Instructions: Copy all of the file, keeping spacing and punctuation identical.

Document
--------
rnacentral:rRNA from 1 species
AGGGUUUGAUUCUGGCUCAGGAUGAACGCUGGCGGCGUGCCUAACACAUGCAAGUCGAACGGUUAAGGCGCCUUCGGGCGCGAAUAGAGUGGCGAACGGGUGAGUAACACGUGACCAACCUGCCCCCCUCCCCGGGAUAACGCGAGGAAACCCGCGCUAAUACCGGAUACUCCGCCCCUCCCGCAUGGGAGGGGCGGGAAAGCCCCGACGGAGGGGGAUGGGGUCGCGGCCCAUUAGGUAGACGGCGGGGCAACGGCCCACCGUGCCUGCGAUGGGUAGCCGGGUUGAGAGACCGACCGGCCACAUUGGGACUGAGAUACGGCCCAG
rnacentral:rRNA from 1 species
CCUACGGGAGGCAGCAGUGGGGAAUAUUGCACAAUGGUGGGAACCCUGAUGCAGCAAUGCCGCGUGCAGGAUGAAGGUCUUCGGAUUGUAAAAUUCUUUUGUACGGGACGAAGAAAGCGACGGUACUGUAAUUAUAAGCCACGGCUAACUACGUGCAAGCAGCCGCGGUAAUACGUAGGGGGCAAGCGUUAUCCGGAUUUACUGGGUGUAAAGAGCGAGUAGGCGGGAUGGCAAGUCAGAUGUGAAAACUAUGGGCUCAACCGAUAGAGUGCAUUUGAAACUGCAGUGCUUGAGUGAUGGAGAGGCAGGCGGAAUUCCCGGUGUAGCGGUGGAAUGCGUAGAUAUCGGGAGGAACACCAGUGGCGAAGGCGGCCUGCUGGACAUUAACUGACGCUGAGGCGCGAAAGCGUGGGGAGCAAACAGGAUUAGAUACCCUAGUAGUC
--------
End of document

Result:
rnacentral:rRNA from 1 species
AGGGUUUGAUUCUGGCUCAGGAUGAACGCUGGCGGCGUGCCUAACACAUGCAAGUCGAACGGUUAAGGCGCCUUCGGGCGCGAAUAGAGUGGCGAACGGGUGAGUAACACGUGACCAACCUGCCCCCCUCCCCGGGAUAACGCGAGGAAACCCGCGCUAAUACCGGAUACUCCGCCCCUCCCGCAUGGGAGGGGCGGGAAAGCCCCGACGGAGGGGGAUGGGGUCGCGGCCCAUUAGGUAGACGGCGGGGCAACGGCCCACCGUGCCUGCGAUGGGUAGCCGGGUUGAGAGACCGACCGGCCACAUUGGGACUGAGAUACGGCCCAG
rnacentral:rRNA from 1 species
CCUACGGGAGGCAGCAGUGGGGAAUAUUGCACAAUGGUGGGAACCCUGAUGCAGCAAUGCCGCGUGCAGGAUGAAGGUCUUCGGAUUGUAAAAUUCUUUUGUACGGGACGAAGAAAGCGACGGUACUGUAAUUAUAAGCCACGGCUAACUACGUGCAAGCAGCCGCGGUAAUACGUAGGGGGCAAGCGUUAUCCGGAUUUACUGGGUGUAAAGAGCGAGUAGGCGGGAUGGCAAGUCAGAUGUGAAAACUAUGGGCUCAACCGAUAGAGUGCAUUUGAAACUGCAGUGCUUGAGUGAUGGAGAGGCAGGCGGAAUUCCCGGUGUAGCGGUGGAAUGCGUAGAUAUCGGGAGGAACACCAGUGGCGAAGGCGGCCUGCUGGACAUUAACUGACGCUGAGGCGCGAAAGCGUGGGGAGCAAACAGGAUUAGAUACCCUAGUAGUC